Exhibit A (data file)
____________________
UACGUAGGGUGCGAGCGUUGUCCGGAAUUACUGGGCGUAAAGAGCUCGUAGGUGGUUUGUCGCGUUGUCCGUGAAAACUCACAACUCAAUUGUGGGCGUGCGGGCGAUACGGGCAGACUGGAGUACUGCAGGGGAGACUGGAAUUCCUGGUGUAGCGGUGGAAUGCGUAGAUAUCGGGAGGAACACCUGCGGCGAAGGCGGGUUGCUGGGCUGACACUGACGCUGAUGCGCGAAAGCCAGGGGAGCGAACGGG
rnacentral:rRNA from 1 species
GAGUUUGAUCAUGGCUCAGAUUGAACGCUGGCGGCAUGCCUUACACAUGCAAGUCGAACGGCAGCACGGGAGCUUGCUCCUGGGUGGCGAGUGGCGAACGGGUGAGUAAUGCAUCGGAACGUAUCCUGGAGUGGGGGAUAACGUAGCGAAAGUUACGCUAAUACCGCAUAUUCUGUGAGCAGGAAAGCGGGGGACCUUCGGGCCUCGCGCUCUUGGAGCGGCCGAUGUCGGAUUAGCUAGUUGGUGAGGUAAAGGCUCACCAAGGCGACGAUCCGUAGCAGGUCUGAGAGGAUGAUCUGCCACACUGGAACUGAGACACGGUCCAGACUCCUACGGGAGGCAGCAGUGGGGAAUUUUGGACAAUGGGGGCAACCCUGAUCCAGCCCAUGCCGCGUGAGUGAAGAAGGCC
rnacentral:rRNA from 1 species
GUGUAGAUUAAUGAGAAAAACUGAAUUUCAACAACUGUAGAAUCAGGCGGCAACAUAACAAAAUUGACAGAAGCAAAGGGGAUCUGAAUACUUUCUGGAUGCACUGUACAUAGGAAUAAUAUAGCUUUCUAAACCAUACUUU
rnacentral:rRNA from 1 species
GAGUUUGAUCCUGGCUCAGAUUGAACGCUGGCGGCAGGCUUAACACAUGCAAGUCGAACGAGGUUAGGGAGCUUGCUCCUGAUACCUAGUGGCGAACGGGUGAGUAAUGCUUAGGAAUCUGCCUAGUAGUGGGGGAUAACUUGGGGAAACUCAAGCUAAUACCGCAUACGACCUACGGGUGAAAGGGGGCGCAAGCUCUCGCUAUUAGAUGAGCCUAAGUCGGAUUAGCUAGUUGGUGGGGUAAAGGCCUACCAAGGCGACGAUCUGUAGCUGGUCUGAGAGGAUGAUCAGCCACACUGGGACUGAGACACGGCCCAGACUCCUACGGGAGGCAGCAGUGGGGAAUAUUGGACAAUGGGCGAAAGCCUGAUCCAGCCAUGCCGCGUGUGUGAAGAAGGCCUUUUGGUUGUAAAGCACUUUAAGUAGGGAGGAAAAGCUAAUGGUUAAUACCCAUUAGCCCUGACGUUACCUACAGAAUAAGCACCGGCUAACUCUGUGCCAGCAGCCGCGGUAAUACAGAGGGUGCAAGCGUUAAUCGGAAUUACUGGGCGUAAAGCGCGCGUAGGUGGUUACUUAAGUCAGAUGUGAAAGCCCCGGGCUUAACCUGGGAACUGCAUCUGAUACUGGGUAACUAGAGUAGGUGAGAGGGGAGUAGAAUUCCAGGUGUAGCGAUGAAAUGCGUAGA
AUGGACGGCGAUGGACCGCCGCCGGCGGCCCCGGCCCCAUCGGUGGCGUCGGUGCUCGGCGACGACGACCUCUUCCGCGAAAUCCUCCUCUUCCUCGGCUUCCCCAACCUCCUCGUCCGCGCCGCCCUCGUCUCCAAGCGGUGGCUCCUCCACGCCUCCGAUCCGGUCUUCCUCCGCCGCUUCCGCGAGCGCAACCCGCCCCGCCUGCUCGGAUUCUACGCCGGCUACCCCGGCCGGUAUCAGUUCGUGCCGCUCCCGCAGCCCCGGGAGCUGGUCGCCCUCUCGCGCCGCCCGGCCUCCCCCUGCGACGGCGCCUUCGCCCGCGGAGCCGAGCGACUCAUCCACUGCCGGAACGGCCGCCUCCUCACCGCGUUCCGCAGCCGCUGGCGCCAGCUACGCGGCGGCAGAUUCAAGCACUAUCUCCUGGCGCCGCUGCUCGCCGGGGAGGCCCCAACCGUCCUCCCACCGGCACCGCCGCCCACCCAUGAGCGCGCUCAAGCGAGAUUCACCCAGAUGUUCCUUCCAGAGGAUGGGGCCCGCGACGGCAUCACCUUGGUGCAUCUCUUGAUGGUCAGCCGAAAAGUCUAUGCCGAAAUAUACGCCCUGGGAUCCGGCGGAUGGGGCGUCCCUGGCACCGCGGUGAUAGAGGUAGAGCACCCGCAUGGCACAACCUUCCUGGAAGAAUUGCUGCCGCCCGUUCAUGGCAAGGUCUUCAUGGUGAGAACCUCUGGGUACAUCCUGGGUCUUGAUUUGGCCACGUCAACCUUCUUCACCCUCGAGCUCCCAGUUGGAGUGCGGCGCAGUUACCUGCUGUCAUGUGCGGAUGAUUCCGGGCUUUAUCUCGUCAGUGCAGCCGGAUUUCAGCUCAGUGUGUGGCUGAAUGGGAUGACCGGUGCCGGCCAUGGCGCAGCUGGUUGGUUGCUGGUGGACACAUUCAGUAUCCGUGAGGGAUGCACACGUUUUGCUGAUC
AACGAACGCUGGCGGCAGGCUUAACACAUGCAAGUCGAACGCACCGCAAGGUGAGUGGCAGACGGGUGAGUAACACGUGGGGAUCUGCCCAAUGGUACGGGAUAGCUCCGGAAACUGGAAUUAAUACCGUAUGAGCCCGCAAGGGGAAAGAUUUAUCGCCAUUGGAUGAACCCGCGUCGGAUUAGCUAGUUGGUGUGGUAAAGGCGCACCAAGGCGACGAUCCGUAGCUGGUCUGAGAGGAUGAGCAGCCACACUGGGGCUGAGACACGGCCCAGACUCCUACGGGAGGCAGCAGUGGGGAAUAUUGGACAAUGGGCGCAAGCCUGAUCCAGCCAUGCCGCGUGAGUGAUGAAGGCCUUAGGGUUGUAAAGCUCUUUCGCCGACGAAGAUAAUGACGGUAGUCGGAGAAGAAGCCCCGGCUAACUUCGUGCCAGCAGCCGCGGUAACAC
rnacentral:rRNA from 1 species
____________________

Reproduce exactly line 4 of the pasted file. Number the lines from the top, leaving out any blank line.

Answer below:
rnacentral:rRNA from 1 species